Friday, 14 June 2013

Modelling QE

This post outlines a theoretical model I've used for looking at the mechanical process by which QE impacts on the economy.  It is based on the UK economy and draws heavily on Tobin's portfolio approach to financial markets.*

The model is best understood by examining the balance sheet matrix on which it is based, a stylised version of the UK's financial balance sheet.  Although highly simplified, it still retains sufficient granularity to bring out the required mechanics.

PNFC securities


RoW securities







PNFC = private non-financial corporation
MFI = monetary financial institution (bank)
BoE = Bank of England
RoW = rest of world 

Asset prices and yields are driven by portfolio allocation functions for Households and RoW.  These are based on Tobin's, providing a demand for each asset based on the yields on all assets and an overall budget constraint.  The model then solves by bringing the market for each asset class into equilibrium, within the balancing constraints of the matrix. Three "price" variables need to be found: the price of private securities, the price of gilts and the exchange rate.  As each of these variables affects expected future returns, there is a high degree of inter-dependency.

The financial model sits within a simple Post-Keynsian style model of the real economy.  This is only intended to map out the long-run response path of the economy, which provides the feedback for expectation formation. Expectations place a crucial role in the model, and therefore issues such as whether the QE is expected to be temporary or permanent have a significant impact on the results.  Expectations are initially based on rule-of-thumb estimates, but the model includes an algorithm which enables yield expectations to be iteratively mapped to actual outcomes out to a distant future point.

Because the model is based on portfolio preferences, the spread between single period asset yields varies with the supply of those assets.  This means that traditional arbitrage model (whereby long term rates are a compound of expected short-term rates) does not in general hold, although there is a fair degree of correlation. Yields and prices can vary even in scenarios where the short-term rate is permanently fixed and even when the QE is only a temporary measure.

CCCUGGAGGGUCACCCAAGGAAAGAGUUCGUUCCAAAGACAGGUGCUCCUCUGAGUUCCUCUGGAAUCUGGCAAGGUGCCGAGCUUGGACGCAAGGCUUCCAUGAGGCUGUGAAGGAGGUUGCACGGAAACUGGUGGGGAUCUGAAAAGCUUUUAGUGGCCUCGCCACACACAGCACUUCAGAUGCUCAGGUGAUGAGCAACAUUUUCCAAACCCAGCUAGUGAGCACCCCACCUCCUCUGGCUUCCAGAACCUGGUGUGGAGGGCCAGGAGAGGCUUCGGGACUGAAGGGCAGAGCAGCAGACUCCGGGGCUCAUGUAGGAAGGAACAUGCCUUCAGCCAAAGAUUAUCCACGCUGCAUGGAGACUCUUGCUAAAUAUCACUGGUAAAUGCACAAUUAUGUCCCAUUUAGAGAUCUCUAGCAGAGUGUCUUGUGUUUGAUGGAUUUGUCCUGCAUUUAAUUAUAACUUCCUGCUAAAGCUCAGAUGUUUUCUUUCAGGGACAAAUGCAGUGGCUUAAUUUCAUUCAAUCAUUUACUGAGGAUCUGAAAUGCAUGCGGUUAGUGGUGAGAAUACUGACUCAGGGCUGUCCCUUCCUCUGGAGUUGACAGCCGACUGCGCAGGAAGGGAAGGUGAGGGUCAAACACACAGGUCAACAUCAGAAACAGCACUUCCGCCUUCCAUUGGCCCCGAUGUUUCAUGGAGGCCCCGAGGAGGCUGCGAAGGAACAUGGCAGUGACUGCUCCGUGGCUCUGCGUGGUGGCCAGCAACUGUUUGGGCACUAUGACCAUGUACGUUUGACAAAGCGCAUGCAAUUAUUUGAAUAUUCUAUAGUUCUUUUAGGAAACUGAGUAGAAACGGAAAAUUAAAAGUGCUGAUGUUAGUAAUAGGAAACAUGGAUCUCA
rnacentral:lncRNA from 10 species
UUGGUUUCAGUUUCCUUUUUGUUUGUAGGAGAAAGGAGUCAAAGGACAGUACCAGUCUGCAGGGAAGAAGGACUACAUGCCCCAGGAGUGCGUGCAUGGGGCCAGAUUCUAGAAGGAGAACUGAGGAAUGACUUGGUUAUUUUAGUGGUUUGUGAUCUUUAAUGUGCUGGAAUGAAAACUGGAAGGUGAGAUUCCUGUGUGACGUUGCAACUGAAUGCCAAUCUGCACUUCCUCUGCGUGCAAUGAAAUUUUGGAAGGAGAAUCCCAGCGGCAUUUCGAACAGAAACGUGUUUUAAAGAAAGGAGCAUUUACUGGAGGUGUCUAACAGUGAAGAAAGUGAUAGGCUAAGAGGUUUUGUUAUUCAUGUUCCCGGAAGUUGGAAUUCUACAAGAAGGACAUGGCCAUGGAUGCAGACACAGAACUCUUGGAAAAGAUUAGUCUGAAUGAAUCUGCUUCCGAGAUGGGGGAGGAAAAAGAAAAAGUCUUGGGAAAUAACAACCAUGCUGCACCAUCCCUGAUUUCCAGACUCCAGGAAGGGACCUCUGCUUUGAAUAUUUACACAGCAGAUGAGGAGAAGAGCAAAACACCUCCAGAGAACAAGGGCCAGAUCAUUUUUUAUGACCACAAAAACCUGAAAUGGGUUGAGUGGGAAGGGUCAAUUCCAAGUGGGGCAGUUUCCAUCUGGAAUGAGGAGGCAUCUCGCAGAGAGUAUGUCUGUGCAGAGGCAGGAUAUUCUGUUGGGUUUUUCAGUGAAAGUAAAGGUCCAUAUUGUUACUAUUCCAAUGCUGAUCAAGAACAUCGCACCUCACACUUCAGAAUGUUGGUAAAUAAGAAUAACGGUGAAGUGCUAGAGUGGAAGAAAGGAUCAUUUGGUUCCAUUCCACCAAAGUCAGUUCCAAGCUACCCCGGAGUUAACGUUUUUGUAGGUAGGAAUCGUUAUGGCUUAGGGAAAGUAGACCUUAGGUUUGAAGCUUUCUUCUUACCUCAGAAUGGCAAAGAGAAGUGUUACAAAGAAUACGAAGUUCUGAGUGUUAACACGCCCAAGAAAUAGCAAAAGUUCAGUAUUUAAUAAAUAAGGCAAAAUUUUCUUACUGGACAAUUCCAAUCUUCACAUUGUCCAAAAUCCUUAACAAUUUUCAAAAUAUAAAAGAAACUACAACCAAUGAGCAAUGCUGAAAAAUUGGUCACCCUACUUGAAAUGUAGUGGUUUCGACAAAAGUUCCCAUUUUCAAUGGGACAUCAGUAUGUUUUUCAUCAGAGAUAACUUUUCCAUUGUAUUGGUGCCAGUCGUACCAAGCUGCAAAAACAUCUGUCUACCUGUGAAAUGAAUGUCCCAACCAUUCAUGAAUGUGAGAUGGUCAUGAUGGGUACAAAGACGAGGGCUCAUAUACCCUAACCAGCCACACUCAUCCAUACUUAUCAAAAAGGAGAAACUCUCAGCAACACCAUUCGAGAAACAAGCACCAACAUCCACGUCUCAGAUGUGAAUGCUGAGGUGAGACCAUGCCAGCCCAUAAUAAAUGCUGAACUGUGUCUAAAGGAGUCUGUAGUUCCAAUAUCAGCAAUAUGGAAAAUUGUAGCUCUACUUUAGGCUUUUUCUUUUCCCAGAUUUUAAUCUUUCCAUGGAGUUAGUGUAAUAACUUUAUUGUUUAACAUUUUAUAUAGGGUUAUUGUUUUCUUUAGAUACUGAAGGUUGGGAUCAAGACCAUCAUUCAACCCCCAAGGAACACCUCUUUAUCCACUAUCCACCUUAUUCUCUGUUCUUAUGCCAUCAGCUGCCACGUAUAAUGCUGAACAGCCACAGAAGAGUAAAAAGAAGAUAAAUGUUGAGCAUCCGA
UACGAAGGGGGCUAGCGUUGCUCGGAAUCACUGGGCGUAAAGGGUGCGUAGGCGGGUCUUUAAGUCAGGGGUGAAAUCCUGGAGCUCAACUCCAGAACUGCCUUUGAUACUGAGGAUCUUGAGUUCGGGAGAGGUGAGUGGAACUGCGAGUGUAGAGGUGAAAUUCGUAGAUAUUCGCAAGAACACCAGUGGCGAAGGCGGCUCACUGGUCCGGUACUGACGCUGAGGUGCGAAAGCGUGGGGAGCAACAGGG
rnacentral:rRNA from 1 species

The structure of the model is explained in a little more detail below. 


All sectors of the actual economy are represented.  Financial institutions that are not MFIs are treated as part of the household sector.  The BoE is treated separately from private MFIs.  Public corporations are treated as part of Government.


Marketable securities are grouped into three classes: PNFC securities (equity and debt securities of UK PNFCs), gilts and RoW (rest of world) securities.  The latter includes all foreign equity and bonds, whether private or issued by foreign governments.

The value of each of these asset classes depends on some measure of price.  For PNFC securities and gilts, value is the number of securities multiplied by a price index.  For RoW securities, the value is the (exogenous) foreign currency denominated value divided by the exchange rate.

The last three asset classes: deposits, loans and reserves do not have a variable price.  The return on each is based on an interest rate which is assumed to be determined exogenously by central bank policy.  Deposits from RoW is intended to represent a net figure, i.e. sterling deposits from abroad less sterling loans / deposits placed abroad.

In the real world, UK MFIs have substantial non-sterling assets and liabilities (greater than their sterling positions) but these are assumed to be matched and therefore ignored.  Likewise, non-sterling liabilities of PNFCs are ignored.  PNFC cash is netted off against loans.